GPL offers to discuss debt with City Council
November 28, 2006
GUYANA Power & Light (GPL) is willing to meet representatives of the Mayor and City Council (M&CC) for discussions on the recent disconnection of electricity supply from some municipal locations.
“GPL’s management remains open for discussion with the M&CC whenever they are so inclined,” the utility offered in a press release yesterday.
Georgetown Mayor Hamilton Green had reported, last Friday, that GPL cut off current at several sites for the non-payment of $243M.
The affected places include the City Hall compound, Bourda Market Constabulary Outpost and the Constabulary Training Complex which had already been darkened since November 21 and the Municipal Abattoir and South Road Day Care Centre that followed on November 24.
GPL said it is not unusual for the corporation to enter into agreements with social agencies which cannot immediately meet their debts and one such was entered into with the M&CC in 2005.
However, earlier this year, the municipality lapsed on the terms of the agreement, GPL disclosed.
“Promises were made and a cheque for a small amount was paid to GPL in October. Soon, thereafter, the commercial bank was ordered by the municipality to stop payment,” the company stated.
After many failed attempts to contact M&CC officials the decision was taken to begin disconnection of the facilities operating under the confines of the M&CC, starting with the less essential, GPL said.
According to the release, special concessions have always been accorded many public and private organisations and social facilities, including places of worship, schools and municipal services.
But disconnection or notice of it is the option available to encourage customers to pay for electricity they have already consumed.
“GPL must generate its own revenue and capital to continue to generate and distribute electrical power, to pay our own creditors and to meet daily overheads, especially to purchase that vital raw material, fuel, which requires hard currency in advance before the fuel boats could be loaded in the selling country,” the release explained.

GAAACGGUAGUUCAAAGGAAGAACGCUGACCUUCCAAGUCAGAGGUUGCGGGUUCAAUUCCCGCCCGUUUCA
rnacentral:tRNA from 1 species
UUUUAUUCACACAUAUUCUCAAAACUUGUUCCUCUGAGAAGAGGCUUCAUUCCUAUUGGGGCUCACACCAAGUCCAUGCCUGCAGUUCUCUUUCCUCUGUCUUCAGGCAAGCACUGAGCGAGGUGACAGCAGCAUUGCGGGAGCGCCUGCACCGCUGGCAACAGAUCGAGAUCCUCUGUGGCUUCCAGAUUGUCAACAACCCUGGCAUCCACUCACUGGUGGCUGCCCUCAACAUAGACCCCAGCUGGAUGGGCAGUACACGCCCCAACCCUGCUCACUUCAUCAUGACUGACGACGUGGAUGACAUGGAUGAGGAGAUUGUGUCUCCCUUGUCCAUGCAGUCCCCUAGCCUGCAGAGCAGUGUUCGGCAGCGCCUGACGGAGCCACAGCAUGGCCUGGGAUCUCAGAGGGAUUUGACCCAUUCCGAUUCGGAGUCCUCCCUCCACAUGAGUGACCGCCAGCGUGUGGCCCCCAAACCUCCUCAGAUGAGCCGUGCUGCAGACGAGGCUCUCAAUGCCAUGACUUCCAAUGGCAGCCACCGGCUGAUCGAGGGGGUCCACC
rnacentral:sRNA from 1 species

The Mayor’s Office, in a press release Sunday, contended that GPL owes the municipality more than $214M even as they continue to disconnect more facilities after Green’s Friday press conference.
“This recent action by GPL seems, therefore, to be part of a centrally directed plan to humiliate the Mayor and Council elected. If not, it is crassness, injustice and unprincipled behaviour by GPL,” the Sunday release charged.
It argued that the Georgetown Municipality levies taxes, according to law, on properties irrespective of change of ownership but GPL is sheltering behind the contention that it is not responsible for the debt of the predecessor Guyana Electricity Corporation (GEC).
“Existing legal regulations require that all taxes owing to the municipality be satisfactorily settled before the transfer of any property in the city is effectuated to the new owner. We were never officially informed that GEC had transferred its plant and properties to GPL,” the release stated.
It claimed GPL is refusing to treat every installation individually and is seeking a settlement for the drainage pumps, markets, day care centres and street lighting before they reconnect.
“I hope that there will be an explanation for this brutal action by GPL, beyond the legal and constitutional technicalities, but one that address justice and morality,” Green declared.
On Friday, he blamed the situation on the council’s narrow revenue base, the attitude of the Government and a “stubborn” City Hall administration.
Green said sources from which revenue is garnered cannot maintain the necessary operations and, every month, of between $80M and $85M collected, wages and salaries alone consume some $70M.
Garbage disposal costs more than $20M and street lighting $10M. The money owed GPL is in relation to 46 municipal locations, the Mayor pointed out.